baseball gods productions

Thoughts about baseball, from the perspective of sports psychology and the role of sports in society. It includes team and player analysis, predictions, and what I think needs to be changed in Major League Baseball. Brought to you from the heart of baseball, Brooklyn, by baseball gods productions.

Saturday, May 31, 2008

Post Memorial Day Reality Check

The baseball season is about one third complete, and it's a good time to assess what has happened so far, and look towards the future. The biggest surprises so far are still the Marlins and the Cardinals on the overachieving side, and the Indians, Tigers, Mets, Mariners, Rockies on the underachieving side. I am surprised the Royals are playing so poorly, and that the Reds aren't doing a little better, but maybe these teams need another year to make the transition to competitive young teams under new managers. I'm not surprised at how well the Rays are playing, and I still think they have a decent chance to make the playoffs as the wild card.

In the National League, it looks like the Phillies are once again getting more out of their talent than the Mets are. The Braves are a little worse than I expected, but are certainly in a good enough position to make a playoff push. The Marlins will drop down to 4th place or even 5th most likely, but you have to give Fredi Gonzalez a lot of credit for keeping them over .500 for so long.

The Cubs and Diamondbacks still look like locks for their division championships, with less competition than expected. The wild card will probably come from the East, and the question will be whether the Mets can make themselves relevant again, or will the Braves and Phillies battle it out for the two playoff spots.

The Mets are a .500 team until they prove otherwise. This has been going on for a year now, so it's no longer a slump or a collapse, it's who they are. A popular benchmark of competitiveness is to get to 10 games over .500, so if and when the Mets get to that point, I might consider them a contender this year. The way I see it, big changes need to be made before that will happen.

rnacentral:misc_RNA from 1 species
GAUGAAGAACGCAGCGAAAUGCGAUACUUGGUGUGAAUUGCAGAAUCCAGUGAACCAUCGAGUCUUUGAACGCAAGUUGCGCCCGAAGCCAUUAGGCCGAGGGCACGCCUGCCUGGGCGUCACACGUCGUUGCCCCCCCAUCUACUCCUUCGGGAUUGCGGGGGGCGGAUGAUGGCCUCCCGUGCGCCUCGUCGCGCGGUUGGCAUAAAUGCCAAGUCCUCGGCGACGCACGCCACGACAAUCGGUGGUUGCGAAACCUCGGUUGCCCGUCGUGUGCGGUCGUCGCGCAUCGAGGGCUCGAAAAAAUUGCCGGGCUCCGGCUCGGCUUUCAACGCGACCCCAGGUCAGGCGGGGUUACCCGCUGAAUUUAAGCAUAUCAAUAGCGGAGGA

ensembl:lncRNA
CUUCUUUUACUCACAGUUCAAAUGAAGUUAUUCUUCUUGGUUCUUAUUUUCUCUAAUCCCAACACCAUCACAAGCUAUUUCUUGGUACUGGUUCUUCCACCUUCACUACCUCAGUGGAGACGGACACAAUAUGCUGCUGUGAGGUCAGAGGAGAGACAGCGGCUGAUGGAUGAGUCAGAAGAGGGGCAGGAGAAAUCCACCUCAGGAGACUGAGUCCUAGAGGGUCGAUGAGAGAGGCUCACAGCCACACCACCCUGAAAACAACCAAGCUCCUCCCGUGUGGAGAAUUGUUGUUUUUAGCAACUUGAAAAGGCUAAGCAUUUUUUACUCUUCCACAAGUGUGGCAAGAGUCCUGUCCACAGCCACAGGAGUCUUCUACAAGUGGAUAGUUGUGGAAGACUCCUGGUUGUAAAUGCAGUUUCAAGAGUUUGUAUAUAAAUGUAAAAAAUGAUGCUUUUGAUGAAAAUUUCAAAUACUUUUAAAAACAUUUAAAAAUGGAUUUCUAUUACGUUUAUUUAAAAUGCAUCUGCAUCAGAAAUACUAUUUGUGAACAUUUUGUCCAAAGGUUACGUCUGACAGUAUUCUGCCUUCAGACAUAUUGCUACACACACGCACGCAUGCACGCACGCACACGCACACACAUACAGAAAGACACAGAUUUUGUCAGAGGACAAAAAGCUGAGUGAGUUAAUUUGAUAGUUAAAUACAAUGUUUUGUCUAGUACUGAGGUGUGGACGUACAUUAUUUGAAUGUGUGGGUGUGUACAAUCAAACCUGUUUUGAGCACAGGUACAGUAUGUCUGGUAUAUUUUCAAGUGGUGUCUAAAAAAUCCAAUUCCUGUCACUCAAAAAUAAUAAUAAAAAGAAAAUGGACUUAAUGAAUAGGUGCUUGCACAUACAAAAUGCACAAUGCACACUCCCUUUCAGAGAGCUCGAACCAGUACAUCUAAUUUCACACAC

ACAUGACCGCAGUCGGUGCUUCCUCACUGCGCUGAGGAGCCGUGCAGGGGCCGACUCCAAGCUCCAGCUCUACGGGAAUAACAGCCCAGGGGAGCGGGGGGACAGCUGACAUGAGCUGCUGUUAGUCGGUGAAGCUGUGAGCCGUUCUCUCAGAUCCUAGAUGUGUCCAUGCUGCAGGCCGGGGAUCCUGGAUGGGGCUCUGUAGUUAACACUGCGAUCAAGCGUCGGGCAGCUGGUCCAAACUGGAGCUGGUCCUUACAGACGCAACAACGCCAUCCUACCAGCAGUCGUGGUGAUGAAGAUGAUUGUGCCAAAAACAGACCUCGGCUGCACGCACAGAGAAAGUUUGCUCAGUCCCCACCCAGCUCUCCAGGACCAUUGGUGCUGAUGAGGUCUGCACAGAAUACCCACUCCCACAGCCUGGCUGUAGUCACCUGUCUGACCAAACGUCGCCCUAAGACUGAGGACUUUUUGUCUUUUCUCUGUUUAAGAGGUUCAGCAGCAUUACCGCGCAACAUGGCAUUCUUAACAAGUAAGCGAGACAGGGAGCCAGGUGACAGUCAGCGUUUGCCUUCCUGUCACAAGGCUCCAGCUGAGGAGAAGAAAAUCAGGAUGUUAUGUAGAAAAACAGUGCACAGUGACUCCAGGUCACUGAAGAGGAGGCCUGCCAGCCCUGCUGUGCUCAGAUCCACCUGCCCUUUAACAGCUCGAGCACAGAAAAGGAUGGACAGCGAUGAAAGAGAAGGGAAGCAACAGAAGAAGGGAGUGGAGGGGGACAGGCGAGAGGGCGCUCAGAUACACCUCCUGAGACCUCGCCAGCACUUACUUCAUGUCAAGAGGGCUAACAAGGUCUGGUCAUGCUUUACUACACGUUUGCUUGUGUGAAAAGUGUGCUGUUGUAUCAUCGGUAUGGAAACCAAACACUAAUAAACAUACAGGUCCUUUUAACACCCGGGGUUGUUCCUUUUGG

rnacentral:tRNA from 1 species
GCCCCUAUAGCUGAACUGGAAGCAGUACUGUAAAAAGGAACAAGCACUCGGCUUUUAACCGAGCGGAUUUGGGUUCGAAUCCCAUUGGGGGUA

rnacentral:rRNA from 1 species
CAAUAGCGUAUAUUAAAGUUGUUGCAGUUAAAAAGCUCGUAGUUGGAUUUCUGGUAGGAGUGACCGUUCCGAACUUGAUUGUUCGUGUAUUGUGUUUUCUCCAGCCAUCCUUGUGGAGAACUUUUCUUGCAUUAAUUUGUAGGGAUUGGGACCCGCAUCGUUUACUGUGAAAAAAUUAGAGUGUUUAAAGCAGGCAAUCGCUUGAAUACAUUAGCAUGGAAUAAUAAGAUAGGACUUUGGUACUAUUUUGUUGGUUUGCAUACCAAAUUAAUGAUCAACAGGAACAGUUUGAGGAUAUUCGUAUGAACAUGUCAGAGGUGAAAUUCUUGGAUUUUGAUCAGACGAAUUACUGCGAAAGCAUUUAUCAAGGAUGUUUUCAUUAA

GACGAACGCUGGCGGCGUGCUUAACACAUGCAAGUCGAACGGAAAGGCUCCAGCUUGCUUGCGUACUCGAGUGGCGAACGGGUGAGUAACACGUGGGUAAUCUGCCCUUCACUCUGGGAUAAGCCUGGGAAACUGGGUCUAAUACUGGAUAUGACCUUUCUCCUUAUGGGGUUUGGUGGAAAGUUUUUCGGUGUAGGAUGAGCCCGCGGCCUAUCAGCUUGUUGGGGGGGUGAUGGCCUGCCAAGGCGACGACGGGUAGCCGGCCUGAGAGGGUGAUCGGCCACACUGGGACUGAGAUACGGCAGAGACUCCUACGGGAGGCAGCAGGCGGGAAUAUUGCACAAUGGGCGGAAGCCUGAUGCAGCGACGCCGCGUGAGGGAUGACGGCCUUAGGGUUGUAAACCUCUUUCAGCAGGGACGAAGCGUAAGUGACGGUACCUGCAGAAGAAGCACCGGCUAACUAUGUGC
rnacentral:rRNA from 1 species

If I were running the Mets here are some things I'd consider:

* Sign Scott Hatteberg and release Carlos Delgado.

* Send Mike Pelfrey to New Orleans when Pedro comes back Tuesday. Pelfrey is killing them and needs to go back and work on his pitches and his mental approach.

* Trade for Kevin Millar, Xavier Nady, and/or Jason Bay. These names are bouncing around all over the trade rumors and the writers are correct that one or two of these guys would help, without costing too much. Millar isn't much better than Delgado, but he might just be the fiery leader they have needed for the past couple of years. It's time to cowboy up. A platoon of Millar and Hatteberg, with the other available for pinch-hitting, would be more productive and less miserable than Delgado.

* Trade Oliver Perez if they can get a young starter in return. He's leaving after the season anyway, and he just is not reliable enough. I'd much rather have a less-talented, more consistent pitcher this year. Kind of like Brian Bannister.

* Send Raul Casanova back to New Orleans, and recall Argenis Reyes. They should have done this even before Castillo got hurt again. That injury was beyond inevitable, given that Castillo has been playing practically every inning of every game for way too long now. As has Reyes, Wright, and Beltran, by the way. How long before Beltran pulls something?

* Sign Freddie Garcia to be the fifth starter when he is ready to pitch again.

* Release Orlando Hernandez. That ship has sailed.